Even when it seems like cybersecurity can’t get any more dire, it continuously does. The most recent Cyberthreat Defense Report found that 77 percent of organizations were victimized by one or more successful cyber attacks in 2018, while “optimism” for avoiding a successful attack in the coming year plunged from 62 percent in 2014 to just 38 percent in 2018.
Breaches occur across industries, but there are a few particularly affected: finance, retail, and healthcare. If your organization is in one of these sectors, you especially need to amp up your data breach prevention and endpoint security in 2019. Here’s a look at the major threats facing these sectors—and how to protect against them.
Protect the financial sector
An Accenture survey revealed that banks experience an average of 85 serious attempted breaches each year, one third of which are successful. Banking institutions are targeted often, because they sit on actual wealth and a goldmine of sensitive, valuable data. Hackers who gain access to banking systems can wreak havoc and make a lot of money along the way.
Financial institutions looking to protect themselves should start by conducting a rigorous security risk assessment, because it’s not always clear where vulnerabilities lie. Additionally, advanced authentication—such as PINs, facial recognition, or biometric identification—is imperative for banks, because hackers are constantly coming up with new ways to steal confidential credentials. Employee education is another must for the sake of preventing the rampant phishing attempts your users will likely encounter.
Finally, you should also focus on endpoint security. All the effort that goes into securing the core network is for nothing if a hacker can get in via an internet-connected device. Financial institutions need to divest themselves from legacy technologies and invest in new ones designed for today’s cybersecurity environment.
Fortify retail organizations
The 2018 Thales Data Threat Report found that 50 percent of retailers have been breached in the past year, and according to Verizon’s 2018 Data Breach Investigations Report, attacks against retailers have gone sharply up.
Like banks, retailers store personal financial information. Moreover, retail in particular is plagued by a wide attack surface for hackers to exploit. Verizon found that most retail data theft came from web application attacks that leveraged poor validation of inputs or stolen credentials.
Social attacks, including financial pretexting and phishing, are also on the rise, with HR departments increasingly targeted by hackers to extract employee wage and tax data, enabling tax fraud and the diversion of tax rebates. These attack vectors highlight the importance of training employees in phishing prevention, as well as enforcement of secure password practices, such as the use of password managers.
As more retailers adapt to e-commerce, website security is key. Cybersecurity firm Shape Security found that 90 percent of online retailers’ login traffic stems from hackers deploying stolen login data. In 2017, 1.4 billion passwords were stolen and leaked, which enabled hackers to use a method called “credential stuffing” to gain access to other online systems. To protect your customers, ensure your websites have built-in protections against false login attempts.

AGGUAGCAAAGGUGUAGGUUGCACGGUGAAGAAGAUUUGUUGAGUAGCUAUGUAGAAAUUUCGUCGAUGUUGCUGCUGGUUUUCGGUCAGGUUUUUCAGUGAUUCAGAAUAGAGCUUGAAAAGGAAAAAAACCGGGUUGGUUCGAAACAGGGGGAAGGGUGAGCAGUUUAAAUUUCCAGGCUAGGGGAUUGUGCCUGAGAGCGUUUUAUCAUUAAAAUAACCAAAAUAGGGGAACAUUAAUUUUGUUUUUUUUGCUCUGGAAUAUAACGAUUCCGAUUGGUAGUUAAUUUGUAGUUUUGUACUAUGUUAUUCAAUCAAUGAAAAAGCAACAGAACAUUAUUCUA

Strengthen security in healthcare
In 2017, the Department of Health and Human Services released a report stating that healthcare cybersecurity is in “critical condition.” The Identity Theft Resource Center (ITRC) documented 374 healthcare breaches compromising 5,141,972 records in 2017. Healthcare organizations are a prime target for hackers, because they possess sensitive, and thus valuable, data. Furthermore, healthcare organizations have largely struggled to transition smoothly to digital systems and are not investing enough in data breach prevention, so they’re seen as low-hanging fruit.
A top issue ITRC identified was the lack of a capable security workforce—three out of four hospitals don’t have a designated security person. Adoption of the Internet of Things is another concern. As tools like telemedicine and smart monitors become more mainstream, endpoint security becomes more essential. One of the contradictions in the healthcare sector is the simultaneous interest in new technologies and reluctance to upgrade existing ones. If a smart monitor sends sensitive patient data to a legacy device, that data is at risk.
Printers are often overlooked as endpoints, but since they’re connected to the internet and store sensitive data, they’re just as vulnerable to attack as any other device. IT professionals can promote data breach prevention by upgrading legacy printer technology and other connected devices to more secure solutions with embedded security features.
As 2018 draws to a close, it’s time to start thinking about how to improve security in 2019. This upcoming year is the perfect opportunity for finance, retail, and healthcare organizations to fine-tune their security strategies, so they can be proactive, rather than reactive, when hackers inevitably come knocking.